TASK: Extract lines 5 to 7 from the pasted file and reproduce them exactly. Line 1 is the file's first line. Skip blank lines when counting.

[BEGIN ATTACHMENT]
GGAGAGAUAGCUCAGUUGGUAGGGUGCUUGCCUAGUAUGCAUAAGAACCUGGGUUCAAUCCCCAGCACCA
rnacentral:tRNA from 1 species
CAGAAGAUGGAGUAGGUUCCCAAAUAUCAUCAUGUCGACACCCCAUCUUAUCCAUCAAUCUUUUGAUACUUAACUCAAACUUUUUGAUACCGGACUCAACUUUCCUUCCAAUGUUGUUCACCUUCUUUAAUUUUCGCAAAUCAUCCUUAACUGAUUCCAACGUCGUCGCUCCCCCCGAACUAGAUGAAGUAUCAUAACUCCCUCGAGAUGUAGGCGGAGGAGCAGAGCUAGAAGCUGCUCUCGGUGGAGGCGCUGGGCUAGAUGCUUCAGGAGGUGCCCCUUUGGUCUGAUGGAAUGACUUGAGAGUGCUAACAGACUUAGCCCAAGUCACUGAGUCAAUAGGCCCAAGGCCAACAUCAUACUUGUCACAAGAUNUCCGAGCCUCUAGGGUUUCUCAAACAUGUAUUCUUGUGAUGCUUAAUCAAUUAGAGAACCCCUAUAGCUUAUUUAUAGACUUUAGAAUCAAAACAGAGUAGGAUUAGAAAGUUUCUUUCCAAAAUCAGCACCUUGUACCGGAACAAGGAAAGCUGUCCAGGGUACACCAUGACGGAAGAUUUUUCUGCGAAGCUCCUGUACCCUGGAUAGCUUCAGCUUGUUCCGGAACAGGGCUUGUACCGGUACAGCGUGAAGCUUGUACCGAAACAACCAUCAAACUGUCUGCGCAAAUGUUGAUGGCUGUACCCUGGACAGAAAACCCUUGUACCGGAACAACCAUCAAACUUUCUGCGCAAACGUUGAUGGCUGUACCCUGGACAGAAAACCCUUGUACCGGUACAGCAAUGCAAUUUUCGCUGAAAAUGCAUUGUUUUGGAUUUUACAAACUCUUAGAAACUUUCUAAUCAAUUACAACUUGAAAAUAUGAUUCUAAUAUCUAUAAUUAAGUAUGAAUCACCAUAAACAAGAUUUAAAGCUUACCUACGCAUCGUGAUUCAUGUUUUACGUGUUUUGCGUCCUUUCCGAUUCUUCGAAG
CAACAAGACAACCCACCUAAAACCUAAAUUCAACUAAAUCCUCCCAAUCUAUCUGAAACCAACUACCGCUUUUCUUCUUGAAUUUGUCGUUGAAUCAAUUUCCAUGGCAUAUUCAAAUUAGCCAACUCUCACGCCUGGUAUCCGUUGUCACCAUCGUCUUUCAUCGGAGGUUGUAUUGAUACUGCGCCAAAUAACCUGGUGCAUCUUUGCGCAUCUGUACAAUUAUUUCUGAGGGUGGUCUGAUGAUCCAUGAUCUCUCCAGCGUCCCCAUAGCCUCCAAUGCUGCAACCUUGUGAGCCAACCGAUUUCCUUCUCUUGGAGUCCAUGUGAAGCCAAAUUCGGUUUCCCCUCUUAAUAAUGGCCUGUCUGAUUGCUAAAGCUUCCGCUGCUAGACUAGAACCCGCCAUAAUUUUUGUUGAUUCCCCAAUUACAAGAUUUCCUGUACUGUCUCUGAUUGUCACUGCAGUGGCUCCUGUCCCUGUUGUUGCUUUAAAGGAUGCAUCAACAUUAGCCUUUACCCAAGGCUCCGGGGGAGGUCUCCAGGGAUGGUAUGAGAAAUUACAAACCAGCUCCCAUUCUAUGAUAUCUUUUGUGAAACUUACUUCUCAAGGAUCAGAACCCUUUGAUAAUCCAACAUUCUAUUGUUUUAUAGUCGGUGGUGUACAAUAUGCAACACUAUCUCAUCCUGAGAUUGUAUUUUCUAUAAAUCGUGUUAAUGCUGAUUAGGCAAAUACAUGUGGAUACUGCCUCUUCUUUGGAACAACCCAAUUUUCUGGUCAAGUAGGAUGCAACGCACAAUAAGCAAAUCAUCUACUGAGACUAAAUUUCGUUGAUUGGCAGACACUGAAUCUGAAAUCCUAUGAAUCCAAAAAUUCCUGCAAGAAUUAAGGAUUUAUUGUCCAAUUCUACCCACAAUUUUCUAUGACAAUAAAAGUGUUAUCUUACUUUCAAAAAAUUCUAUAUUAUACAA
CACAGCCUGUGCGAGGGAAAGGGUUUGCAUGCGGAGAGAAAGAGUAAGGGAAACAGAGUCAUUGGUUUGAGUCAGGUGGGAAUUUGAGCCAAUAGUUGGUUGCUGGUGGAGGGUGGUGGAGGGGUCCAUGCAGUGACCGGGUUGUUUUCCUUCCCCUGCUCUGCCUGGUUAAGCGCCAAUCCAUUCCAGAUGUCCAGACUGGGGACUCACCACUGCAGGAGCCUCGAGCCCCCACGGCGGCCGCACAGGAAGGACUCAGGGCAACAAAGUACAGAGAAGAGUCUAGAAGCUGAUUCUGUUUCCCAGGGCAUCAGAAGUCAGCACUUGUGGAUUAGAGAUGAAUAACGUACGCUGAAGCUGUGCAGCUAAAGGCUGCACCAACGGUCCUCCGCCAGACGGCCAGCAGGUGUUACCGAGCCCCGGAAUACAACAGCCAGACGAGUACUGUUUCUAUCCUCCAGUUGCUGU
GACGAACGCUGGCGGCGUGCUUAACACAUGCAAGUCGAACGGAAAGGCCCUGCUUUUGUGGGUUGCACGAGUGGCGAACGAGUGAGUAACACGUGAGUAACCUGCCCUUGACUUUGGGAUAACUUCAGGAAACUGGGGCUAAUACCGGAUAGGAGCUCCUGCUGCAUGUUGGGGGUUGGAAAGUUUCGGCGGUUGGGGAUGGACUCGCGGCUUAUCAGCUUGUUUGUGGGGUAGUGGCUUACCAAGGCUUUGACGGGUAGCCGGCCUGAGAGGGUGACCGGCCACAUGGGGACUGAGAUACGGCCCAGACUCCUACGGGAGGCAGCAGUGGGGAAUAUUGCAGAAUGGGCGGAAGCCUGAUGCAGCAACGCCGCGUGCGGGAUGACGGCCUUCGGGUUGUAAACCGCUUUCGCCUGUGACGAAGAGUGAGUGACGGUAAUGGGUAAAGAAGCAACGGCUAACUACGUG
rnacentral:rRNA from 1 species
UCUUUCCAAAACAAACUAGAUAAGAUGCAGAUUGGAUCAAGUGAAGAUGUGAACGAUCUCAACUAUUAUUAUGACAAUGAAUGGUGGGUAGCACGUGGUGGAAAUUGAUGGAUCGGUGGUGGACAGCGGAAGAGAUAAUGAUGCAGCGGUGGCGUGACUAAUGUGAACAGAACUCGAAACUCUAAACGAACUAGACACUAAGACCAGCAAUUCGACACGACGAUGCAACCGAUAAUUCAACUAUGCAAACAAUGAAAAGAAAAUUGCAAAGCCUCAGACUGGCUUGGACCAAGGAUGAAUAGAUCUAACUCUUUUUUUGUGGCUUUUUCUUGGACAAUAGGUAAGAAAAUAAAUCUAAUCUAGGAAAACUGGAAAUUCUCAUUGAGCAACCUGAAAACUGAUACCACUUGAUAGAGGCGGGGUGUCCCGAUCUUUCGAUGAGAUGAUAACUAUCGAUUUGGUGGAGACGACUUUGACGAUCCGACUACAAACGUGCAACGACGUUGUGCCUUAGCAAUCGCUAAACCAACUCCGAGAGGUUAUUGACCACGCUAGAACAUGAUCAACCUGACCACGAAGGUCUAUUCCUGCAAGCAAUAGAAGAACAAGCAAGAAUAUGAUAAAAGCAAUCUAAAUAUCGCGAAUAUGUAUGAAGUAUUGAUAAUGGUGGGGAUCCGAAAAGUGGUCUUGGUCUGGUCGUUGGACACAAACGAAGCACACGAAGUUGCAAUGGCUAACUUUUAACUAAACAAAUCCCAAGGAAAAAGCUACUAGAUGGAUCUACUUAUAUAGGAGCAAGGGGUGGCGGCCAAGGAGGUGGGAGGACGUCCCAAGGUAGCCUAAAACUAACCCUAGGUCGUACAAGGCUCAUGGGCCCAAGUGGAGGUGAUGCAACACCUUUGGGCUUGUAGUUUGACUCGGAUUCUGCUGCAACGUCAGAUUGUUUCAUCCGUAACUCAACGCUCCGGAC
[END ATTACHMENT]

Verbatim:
CACAGCCUGUGCGAGGGAAAGGGUUUGCAUGCGGAGAGAAAGAGUAAGGGAAACAGAGUCAUUGGUUUGAGUCAGGUGGGAAUUUGAGCCAAUAGUUGGUUGCUGGUGGAGGGUGGUGGAGGGGUCCAUGCAGUGACCGGGUUGUUUUCCUUCCCCUGCUCUGCCUGGUUAAGCGCCAAUCCAUUCCAGAUGUCCAGACUGGGGACUCACCACUGCAGGAGCCUCGAGCCCCCACGGCGGCCGCACAGGAAGGACUCAGGGCAACAAAGUACAGAGAAGAGUCUAGAAGCUGAUUCUGUUUCCCAGGGCAUCAGAAGUCAGCACUUGUGGAUUAGAGAUGAAUAACGUACGCUGAAGCUGUGCAGCUAAAGGCUGCACCAACGGUCCUCCGCCAGACGGCCAGCAGGUGUUACCGAGCCCCGGAAUACAACAGCCAGACGAGUACUGUUUCUAUCCUCCAGUUGCUGU
GACGAACGCUGGCGGCGUGCUUAACACAUGCAAGUCGAACGGAAAGGCCCUGCUUUUGUGGGUUGCACGAGUGGCGAACGAGUGAGUAACACGUGAGUAACCUGCCCUUGACUUUGGGAUAACUUCAGGAAACUGGGGCUAAUACCGGAUAGGAGCUCCUGCUGCAUGUUGGGGGUUGGAAAGUUUCGGCGGUUGGGGAUGGACUCGCGGCUUAUCAGCUUGUUUGUGGGGUAGUGGCUUACCAAGGCUUUGACGGGUAGCCGGCCUGAGAGGGUGACCGGCCACAUGGGGACUGAGAUACGGCCCAGACUCCUACGGGAGGCAGCAGUGGGGAAUAUUGCAGAAUGGGCGGAAGCCUGAUGCAGCAACGCCGCGUGCGGGAUGACGGCCUUCGGGUUGUAAACCGCUUUCGCCUGUGACGAAGAGUGAGUGACGGUAAUGGGUAAAGAAGCAACGGCUAACUACGUG
rnacentral:rRNA from 1 species